"Alcohol is the drug of choice for our culture, it's the bedrock. It goes along with our love of the car," says Steve Simon, a professor at the University of Minnesota who, for the last 20 years, has been on the DWI Task Force for the state's criminal justice system.
American culture has revolved around cars and booze for so long, in fact, that it's hard to imagine a society without either. For several years now, drinking and driving has become increasingly unacceptable, but old habits die hard--literally.
There's a good chance someone you know has a DWI conviction. There's an even greater chance that you have climbed behind the wheel after a few too many and snaked home hoping no one would notice. Well, someone noticed me. And this is what I learned and would love to forget.
MARCH 17, 2001
I'm sitting at a stoplight, about to get on I-94 just west of downtown St. Paul. Some dudes in the car behind me are tossing full soda bottles to the car ahead of me. I yell out my open window for them to knock it off. The drivers honk at each other and crank their sub-woofers. I remember the bartender saying she shouldn't let me drive. I told her I was fine, but now I'm not so sure. The light goes green.
The freeway is packed and traffic is moving about 45 mph; the cops have already pulled over a number of cars, which sit on the shoulder. The vehicle that was behind me at the light is still riding my tail. The driver in front of me keeps hitting his brakes. I hit the gas and quickly change lanes, not noticing the St. Paul police car 50 yards back. His lights go on and I pull over.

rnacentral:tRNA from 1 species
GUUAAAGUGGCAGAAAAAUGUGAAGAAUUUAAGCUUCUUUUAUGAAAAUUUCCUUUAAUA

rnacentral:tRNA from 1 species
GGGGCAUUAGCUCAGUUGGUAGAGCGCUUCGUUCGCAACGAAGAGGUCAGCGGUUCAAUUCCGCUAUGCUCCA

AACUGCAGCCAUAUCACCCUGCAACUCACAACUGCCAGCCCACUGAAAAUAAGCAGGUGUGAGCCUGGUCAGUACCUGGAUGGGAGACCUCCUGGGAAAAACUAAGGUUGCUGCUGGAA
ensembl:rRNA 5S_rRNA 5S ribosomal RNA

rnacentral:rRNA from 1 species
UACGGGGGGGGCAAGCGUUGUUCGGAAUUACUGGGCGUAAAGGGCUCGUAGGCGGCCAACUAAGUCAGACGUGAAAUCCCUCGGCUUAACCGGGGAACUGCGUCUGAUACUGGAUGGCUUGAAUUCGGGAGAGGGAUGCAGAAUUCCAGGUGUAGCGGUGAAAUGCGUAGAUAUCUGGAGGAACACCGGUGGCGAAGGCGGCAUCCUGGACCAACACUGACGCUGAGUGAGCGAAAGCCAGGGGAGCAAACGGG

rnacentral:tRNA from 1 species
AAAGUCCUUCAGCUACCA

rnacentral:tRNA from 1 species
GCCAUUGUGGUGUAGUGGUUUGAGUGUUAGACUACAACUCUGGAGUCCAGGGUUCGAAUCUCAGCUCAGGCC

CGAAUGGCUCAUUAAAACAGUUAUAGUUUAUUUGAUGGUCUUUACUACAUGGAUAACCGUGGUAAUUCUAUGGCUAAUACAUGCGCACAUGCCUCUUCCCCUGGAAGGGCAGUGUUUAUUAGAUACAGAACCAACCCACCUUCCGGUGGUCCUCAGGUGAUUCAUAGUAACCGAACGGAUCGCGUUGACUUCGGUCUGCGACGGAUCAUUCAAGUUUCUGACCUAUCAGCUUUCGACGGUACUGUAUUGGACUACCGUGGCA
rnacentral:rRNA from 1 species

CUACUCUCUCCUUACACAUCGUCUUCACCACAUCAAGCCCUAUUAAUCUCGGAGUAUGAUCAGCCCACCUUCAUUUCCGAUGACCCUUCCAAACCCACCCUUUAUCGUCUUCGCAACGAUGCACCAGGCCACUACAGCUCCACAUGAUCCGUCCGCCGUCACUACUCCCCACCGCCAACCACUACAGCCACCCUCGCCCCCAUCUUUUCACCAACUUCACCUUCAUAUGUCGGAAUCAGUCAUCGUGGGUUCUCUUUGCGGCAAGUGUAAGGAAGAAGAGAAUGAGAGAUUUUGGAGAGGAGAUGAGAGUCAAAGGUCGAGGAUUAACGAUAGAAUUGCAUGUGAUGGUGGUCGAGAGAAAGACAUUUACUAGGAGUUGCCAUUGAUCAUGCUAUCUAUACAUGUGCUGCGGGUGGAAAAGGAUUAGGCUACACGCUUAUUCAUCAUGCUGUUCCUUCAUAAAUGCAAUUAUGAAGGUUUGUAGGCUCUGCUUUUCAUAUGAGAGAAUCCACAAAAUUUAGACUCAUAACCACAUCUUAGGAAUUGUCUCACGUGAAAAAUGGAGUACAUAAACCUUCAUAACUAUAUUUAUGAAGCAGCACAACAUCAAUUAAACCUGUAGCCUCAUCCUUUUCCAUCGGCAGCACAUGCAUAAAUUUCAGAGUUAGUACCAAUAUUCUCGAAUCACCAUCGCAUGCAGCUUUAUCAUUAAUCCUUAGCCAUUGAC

Officer R.B. Smith asks me if I know why I was pulled over. I tell him that some guys were messing with me. He says he saw the whole thing, but doesn't care. He can smell the liquor. He takes my license and heads back to his car.
When he comes back, I plead my case. He's patient, but not buying. I jump through the hoops: touch your nose, stare into a flashlight, walk the line. I pass with flying colors, but get the breath test anyway. I blow a .12, just over the legal limit of .10.
Sitting in back of Smith's squad car, I try to tell him that my girlfriend lives just off the next freeway exit. Instead of taking me to jail, he could drop me off there. He offers a cell phone for me to call an attorney. I have no one to call. He tells me that I will have the option to refuse the legal breath test at the station. First I say I will refuse. Then I recant. I don't know what to do. The 22-year-old rookie from Northfield apologizes for having to put me through the wringer. He's just doing his job.